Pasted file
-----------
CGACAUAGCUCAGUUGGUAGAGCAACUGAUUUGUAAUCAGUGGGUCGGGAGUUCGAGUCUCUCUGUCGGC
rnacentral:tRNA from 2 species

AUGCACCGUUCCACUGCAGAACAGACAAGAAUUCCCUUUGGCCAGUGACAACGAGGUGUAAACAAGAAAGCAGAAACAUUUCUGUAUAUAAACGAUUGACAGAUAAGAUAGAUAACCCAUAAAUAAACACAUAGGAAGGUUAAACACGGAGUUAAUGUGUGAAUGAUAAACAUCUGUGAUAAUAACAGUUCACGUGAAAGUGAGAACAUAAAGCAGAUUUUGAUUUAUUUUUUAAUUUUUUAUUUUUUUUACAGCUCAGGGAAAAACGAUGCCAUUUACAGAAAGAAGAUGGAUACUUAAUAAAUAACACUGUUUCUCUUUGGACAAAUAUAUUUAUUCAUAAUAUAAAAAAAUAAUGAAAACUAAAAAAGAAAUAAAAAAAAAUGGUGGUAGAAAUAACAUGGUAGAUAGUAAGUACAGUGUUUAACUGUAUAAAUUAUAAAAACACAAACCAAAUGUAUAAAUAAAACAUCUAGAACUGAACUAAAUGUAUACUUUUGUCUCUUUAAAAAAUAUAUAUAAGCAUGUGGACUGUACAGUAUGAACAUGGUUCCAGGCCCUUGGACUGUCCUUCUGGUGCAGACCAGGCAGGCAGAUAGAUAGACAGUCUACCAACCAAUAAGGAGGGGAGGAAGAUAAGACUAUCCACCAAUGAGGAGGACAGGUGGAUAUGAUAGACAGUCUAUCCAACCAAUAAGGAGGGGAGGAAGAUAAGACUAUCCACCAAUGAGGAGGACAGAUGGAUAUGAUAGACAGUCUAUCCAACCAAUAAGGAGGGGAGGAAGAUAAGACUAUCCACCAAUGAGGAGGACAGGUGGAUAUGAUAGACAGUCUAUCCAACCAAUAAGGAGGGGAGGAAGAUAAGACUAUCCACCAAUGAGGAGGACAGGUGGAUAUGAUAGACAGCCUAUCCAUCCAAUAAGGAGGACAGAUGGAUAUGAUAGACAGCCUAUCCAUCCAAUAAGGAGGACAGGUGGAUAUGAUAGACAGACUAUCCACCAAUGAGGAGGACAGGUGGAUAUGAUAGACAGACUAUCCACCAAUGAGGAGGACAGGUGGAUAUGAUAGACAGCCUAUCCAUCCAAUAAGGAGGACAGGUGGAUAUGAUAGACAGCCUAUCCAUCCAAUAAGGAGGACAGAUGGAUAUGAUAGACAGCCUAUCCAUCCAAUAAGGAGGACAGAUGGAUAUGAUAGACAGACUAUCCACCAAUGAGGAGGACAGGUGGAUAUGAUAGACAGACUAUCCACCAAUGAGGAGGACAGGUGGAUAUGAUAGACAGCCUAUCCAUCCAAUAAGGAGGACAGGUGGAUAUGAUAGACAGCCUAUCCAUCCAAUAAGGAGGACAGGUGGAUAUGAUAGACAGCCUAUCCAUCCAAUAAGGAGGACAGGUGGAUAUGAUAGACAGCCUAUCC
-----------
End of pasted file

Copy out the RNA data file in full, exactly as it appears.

CGACAUAGCUCAGUUGGUAGAGCAACUGAUUUGUAAUCAGUGGGUCGGGAGUUCGAGUCUCUCUGUCGGC
rnacentral:tRNA from 2 species

AUGCACCGUUCCACUGCAGAACAGACAAGAAUUCCCUUUGGCCAGUGACAACGAGGUGUAAACAAGAAAGCAGAAACAUUUCUGUAUAUAAACGAUUGACAGAUAAGAUAGAUAACCCAUAAAUAAACACAUAGGAAGGUUAAACACGGAGUUAAUGUGUGAAUGAUAAACAUCUGUGAUAAUAACAGUUCACGUGAAAGUGAGAACAUAAAGCAGAUUUUGAUUUAUUUUUUAAUUUUUUAUUUUUUUUACAGCUCAGGGAAAAACGAUGCCAUUUACAGAAAGAAGAUGGAUACUUAAUAAAUAACACUGUUUCUCUUUGGACAAAUAUAUUUAUUCAUAAUAUAAAAAAAUAAUGAAAACUAAAAAAGAAAUAAAAAAAAAUGGUGGUAGAAAUAACAUGGUAGAUAGUAAGUACAGUGUUUAACUGUAUAAAUUAUAAAAACACAAACCAAAUGUAUAAAUAAAACAUCUAGAACUGAACUAAAUGUAUACUUUUGUCUCUUUAAAAAAUAUAUAUAAGCAUGUGGACUGUACAGUAUGAACAUGGUUCCAGGCCCUUGGACUGUCCUUCUGGUGCAGACCAGGCAGGCAGAUAGAUAGACAGUCUACCAACCAAUAAGGAGGGGAGGAAGAUAAGACUAUCCACCAAUGAGGAGGACAGGUGGAUAUGAUAGACAGUCUAUCCAACCAAUAAGGAGGGGAGGAAGAUAAGACUAUCCACCAAUGAGGAGGACAGAUGGAUAUGAUAGACAGUCUAUCCAACCAAUAAGGAGGGGAGGAAGAUAAGACUAUCCACCAAUGAGGAGGACAGGUGGAUAUGAUAGACAGUCUAUCCAACCAAUAAGGAGGGGAGGAAGAUAAGACUAUCCACCAAUGAGGAGGACAGGUGGAUAUGAUAGACAGCCUAUCCAUCCAAUAAGGAGGACAGAUGGAUAUGAUAGACAGCCUAUCCAUCCAAUAAGGAGGACAGGUGGAUAUGAUAGACAGACUAUCCACCAAUGAGGAGGACAGGUGGAUAUGAUAGACAGACUAUCCACCAAUGAGGAGGACAGGUGGAUAUGAUAGACAGCCUAUCCAUCCAAUAAGGAGGACAGGUGGAUAUGAUAGACAGCCUAUCCAUCCAAUAAGGAGGACAGAUGGAUAUGAUAGACAGCCUAUCCAUCCAAUAAGGAGGACAGAUGGAUAUGAUAGACAGACUAUCCACCAAUGAGGAGGACAGGUGGAUAUGAUAGACAGACUAUCCACCAAUGAGGAGGACAGGUGGAUAUGAUAGACAGCCUAUCCAUCCAAUAAGGAGGACAGGUGGAUAUGAUAGACAGCCUAUCCAUCCAAUAAGGAGGACAGGUGGAUAUGAUAGACAGCCUAUCCAUCCAAUAAGGAGGACAGGUGGAUAUGAUAGACAGCCUAUCC